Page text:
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Exploring cultural differences in wildlife value orientations using student samples in seven nations

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journal contribution
posted on 2022-01-01, 00:00 authored by M H Jacobs, S Dubois, T Hosaka, V Ladanović, H F M Muslim, Kelly MillerKelly Miller, S Numata, E Ranaweerage, T M Straka, Mike WestonMike Weston, Z A Z Abidin
AbstractUnderstanding differences in the way people think about wildlife across countries is important as many conservation challenges transcend jurisdictions. We explored differences in wildlife value orientations in seven countries: Australia, Canada, Germany, Japan, Malaysia, the Netherlands and Serbia. Standard scales assessed domination (prioritizing human well-being) and mutualism (striving for egalitarian relationships with wildlife). We used student samples (total n = 2176) for cross-cultural comparisons. Reliabilities of the wildlife value orientations scales were adequate in all countries. Relationships between demographics and wildlife value orientations were different across countries. Men were generally more oriented towards domination and less towards mutualism than women, except in Serbia, where it was the other way around. Estimated at the level of the individual (using ANOVA), wildlife value orientations varied across countries, with nationality explaining a larger portion of the variation in mutualism (21%) than domination (6%). Estimated at the level of countries (using multilevel modelling), effect sizes were comparable. Thought about wildlife has previously only been examined within single countries. This paper makes a new contribution to the conservation literature suggesting that wildlife value orientations vary by country, and are associated with demographic factors. For conservation practices, understanding national differences in the way people think about wildlife is crucial to understanding sources of conflict among practitioners. Such knowledge is also important to gain public support for conservation.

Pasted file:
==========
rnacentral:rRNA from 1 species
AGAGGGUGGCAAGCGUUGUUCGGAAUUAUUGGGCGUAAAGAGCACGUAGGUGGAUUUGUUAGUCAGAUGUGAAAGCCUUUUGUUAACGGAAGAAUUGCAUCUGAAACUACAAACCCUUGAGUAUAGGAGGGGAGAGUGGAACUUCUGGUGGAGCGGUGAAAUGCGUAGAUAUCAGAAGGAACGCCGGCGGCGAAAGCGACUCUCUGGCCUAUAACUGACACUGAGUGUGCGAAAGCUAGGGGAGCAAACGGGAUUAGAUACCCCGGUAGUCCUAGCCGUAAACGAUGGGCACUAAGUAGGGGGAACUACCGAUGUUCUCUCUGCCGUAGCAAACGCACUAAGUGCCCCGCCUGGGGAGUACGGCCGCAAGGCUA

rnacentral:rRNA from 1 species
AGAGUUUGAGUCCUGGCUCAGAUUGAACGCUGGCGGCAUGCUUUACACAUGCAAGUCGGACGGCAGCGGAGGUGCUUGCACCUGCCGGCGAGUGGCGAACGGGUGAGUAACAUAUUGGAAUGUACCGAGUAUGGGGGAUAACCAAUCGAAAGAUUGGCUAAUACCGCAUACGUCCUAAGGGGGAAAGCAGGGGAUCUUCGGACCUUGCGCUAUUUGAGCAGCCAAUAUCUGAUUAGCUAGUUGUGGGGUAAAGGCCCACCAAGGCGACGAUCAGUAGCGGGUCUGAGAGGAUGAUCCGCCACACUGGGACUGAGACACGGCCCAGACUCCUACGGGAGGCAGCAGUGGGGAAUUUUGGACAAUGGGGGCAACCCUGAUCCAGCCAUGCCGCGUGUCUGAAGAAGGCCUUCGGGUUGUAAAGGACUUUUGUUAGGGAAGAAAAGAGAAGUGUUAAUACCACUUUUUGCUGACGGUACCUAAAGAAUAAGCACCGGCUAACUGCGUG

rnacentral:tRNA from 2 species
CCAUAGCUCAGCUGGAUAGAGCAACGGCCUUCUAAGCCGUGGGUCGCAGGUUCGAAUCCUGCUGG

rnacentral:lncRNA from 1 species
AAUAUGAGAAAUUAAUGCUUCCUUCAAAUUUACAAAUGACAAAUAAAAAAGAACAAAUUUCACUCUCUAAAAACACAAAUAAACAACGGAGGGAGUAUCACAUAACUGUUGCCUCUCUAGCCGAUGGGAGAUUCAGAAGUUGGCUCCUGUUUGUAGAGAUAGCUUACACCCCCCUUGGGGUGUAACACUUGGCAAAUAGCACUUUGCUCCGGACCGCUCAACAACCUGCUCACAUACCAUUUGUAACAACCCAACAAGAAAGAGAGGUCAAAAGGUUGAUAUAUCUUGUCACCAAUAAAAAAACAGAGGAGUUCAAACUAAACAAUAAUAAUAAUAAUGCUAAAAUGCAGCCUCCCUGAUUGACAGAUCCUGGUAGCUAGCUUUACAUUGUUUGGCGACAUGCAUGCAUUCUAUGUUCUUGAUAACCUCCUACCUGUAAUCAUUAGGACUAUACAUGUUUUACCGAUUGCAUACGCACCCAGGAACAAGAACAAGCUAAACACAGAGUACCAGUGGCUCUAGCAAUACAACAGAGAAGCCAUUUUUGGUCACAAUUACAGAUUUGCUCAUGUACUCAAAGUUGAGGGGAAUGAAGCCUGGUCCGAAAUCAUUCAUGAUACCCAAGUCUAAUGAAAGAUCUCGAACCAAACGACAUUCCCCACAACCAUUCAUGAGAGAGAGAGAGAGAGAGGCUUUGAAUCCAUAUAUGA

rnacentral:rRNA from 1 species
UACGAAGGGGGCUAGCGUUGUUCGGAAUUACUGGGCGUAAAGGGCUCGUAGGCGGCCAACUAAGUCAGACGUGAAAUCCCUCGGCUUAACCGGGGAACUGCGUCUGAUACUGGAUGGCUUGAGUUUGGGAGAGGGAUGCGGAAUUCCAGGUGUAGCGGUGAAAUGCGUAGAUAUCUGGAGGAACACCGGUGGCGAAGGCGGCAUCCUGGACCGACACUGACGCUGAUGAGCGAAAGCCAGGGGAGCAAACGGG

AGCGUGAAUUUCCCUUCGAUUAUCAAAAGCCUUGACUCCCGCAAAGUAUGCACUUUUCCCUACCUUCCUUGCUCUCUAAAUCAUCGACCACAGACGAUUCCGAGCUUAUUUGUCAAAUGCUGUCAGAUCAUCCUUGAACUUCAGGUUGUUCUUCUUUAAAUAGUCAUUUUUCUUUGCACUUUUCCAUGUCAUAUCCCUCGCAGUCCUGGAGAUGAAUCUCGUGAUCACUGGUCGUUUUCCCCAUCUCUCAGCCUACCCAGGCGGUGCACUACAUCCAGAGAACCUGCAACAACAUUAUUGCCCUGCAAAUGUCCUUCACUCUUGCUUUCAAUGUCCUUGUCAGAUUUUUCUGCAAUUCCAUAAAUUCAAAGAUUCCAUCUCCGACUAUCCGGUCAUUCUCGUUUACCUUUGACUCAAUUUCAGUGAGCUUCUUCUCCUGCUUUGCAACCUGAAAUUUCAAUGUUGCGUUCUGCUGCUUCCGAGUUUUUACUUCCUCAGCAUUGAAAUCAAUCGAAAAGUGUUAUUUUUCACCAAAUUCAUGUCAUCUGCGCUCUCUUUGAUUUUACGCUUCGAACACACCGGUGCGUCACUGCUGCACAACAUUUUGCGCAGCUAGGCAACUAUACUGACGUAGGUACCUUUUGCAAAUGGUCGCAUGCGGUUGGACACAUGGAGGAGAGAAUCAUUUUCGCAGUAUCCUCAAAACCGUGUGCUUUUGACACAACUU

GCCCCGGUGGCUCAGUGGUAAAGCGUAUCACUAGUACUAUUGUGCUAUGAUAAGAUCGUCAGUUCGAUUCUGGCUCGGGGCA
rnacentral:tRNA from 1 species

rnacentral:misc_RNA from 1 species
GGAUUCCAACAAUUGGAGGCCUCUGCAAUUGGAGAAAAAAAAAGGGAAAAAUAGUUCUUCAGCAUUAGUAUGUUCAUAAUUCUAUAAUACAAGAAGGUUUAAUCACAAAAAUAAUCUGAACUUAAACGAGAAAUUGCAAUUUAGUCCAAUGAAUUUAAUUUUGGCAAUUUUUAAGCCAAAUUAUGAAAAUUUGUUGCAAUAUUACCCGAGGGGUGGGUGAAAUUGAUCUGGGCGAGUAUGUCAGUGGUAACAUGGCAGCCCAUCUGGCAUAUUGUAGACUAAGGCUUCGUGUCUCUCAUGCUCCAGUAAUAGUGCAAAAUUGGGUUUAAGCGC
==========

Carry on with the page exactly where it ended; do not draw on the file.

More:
Biodiversity and Conservation


1 - 21




Berlin, Germany







Publication classification

C1 Refereed article in a scholarly journal